Beyond rules, the reason(s) why a lich seeks redemption might be argued.
So, what is a lich (as for D&D 3.5):
A lich is an undead spellcaster, usually a wizard or sorcerer but sometimes a cleric or other spellcaster, who has used its magical powers to unnaturally extend its life
According to D&D 3.5, a lich either can be arcane or divine.
Who wants to be a lich:
A cleric who devoted his life for his deity and his cause. If it was an evil deity and becoming a lich might be a purpose for him (any follower of Chemosh, the god of undead might be an example of this). In that scenario, redemption could not be a choice at all.
For a cleric of non-evil alignment, the character probably will commit great sins for his deity and his religion while becoming a lich. In that point, the character might need an atonement with a great quest to accomplish for his deity. That must not be easy as it sounds.
For arcane casters, situation gets complicated, since lich looks like a way to extend lifespan and get some extra abilities and powers, unless the character is heading for demilich. So, process and reason to become a lich is a way for greater power and life span.
A character dedicated his life for power and his magic and do not care the rest becomes evil (unless he is already evil) with thirst of power and domination and walks the paths of becoming a lich. He already knows the cost and makes himself ready for all! After becoming a lich and gaining a great lifespan and greater powers, it was hard to give away all these and quit the chance of gaining much greater power (becoming a demilich).
The way back?
So, according to that point, a character who becomes a lich probably will not seek redemption. If he does, then he must have good reasons for that.
In the situation of a previously non-evil cleric who became a lich, a great quest must be asked for his redemption, the reward (a restful death or a total redemption) might change according to deity and the quest accomplished, but that must be far beyond than taking another template.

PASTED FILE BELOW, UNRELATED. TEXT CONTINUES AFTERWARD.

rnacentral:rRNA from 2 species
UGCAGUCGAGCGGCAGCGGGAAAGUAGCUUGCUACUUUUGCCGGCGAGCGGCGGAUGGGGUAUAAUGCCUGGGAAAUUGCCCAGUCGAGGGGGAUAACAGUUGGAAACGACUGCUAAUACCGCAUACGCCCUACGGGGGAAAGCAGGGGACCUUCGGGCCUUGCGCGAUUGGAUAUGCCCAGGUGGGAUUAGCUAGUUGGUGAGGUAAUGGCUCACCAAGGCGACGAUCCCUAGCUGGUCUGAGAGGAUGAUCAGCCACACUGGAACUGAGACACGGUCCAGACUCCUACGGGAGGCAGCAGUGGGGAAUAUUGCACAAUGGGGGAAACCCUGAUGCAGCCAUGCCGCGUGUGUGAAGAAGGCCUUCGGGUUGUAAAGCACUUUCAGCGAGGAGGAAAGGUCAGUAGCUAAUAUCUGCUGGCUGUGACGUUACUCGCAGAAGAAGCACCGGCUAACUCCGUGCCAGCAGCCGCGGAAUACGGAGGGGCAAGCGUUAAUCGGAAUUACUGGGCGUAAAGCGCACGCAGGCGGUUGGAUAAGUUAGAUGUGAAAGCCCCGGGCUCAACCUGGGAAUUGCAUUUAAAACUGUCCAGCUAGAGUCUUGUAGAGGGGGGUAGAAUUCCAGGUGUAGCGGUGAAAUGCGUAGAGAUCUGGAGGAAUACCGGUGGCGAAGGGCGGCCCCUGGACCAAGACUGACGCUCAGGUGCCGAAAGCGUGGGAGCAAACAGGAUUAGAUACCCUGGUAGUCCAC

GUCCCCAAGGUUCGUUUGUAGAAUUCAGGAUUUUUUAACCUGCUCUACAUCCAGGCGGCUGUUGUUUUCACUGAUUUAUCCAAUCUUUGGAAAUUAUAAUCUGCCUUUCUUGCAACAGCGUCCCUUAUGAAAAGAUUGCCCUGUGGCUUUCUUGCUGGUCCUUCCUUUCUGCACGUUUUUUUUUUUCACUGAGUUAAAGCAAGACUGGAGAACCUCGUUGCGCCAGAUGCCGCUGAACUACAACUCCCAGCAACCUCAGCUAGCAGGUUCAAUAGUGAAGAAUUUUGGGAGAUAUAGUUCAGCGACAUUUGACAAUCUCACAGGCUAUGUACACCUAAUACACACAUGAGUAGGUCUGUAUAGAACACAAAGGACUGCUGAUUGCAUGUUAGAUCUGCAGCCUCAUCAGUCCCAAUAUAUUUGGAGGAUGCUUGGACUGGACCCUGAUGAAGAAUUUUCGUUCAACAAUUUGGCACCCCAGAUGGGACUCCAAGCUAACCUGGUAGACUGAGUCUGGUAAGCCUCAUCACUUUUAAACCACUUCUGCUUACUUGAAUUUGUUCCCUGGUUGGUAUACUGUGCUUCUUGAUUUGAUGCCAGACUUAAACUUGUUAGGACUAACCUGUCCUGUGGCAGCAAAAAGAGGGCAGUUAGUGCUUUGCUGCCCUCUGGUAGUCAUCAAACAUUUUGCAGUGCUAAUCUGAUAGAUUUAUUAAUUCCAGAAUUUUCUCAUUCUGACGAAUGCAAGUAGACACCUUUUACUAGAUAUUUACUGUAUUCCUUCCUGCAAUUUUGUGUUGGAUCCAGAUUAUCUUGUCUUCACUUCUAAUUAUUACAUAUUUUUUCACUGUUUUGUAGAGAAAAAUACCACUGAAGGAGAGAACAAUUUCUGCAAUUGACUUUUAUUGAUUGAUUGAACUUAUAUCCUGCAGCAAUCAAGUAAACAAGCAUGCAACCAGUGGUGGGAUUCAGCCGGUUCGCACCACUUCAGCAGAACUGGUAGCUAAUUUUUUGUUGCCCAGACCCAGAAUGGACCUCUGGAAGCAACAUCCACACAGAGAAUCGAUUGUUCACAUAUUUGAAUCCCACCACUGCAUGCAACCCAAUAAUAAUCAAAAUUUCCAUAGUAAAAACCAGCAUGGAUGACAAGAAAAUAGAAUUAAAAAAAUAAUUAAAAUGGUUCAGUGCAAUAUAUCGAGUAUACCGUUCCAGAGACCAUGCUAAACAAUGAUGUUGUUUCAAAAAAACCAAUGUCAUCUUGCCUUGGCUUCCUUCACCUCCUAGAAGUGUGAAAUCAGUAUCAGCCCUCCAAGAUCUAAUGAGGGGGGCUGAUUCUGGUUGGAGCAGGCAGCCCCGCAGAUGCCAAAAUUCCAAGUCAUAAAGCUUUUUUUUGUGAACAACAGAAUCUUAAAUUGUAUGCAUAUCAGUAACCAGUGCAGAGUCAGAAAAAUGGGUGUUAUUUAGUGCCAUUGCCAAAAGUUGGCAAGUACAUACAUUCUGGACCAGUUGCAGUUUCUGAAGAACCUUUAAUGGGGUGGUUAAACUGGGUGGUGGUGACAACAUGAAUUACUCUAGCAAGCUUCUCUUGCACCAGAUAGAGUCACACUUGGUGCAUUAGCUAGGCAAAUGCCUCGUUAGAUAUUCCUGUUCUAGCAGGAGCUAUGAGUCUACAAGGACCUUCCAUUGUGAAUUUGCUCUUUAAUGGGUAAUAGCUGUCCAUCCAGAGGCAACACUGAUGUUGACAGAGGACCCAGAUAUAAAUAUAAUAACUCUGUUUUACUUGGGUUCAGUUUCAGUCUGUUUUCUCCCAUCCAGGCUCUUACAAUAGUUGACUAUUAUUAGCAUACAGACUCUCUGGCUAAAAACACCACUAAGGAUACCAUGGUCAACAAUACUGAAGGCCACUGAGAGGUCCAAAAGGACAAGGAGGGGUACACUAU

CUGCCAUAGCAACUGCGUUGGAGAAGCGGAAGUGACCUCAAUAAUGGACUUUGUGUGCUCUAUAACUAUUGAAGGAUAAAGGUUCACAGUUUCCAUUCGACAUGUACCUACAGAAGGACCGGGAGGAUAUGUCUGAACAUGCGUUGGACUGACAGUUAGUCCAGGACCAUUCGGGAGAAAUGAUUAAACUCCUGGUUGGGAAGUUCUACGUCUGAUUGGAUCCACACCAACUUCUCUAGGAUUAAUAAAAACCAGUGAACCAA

In the situation for a arcane caster, I do not see any reason to turn back, especially after all those efforts and all these gains, adding the possibility for gaining greater power, an arcane caster would not turn back. But if he really wish for another chance, then I said NO! You must not started to walk in the dark path of becoming a lich and it is too late to turn back.
Well, in fact, it is a strict answer, I know. and I realize it is not complete.
In my games, role-playing is important and becoming a lich is not simply spending some gold, creating a phylactery and taking a template. Player must role-play and prove me that he really wants to become a lich. And my answer is what he will hear during that process. Also when he want to turn back, he will keep hearing that.
But in fact, it is all about role-play and if he keeps trying to find a way, then he might find a way. He must convince the gods (or the great power that can help him) in the process, so he must convince me for that. And it all about what he did and what sacrifices he accepted and what sins he commit.
If he finds a way to make amends for all he had done, then he will be redeemed.
But again, as a DM, do not tell this to your players or how they could redeem themselves. It must be something they must find out.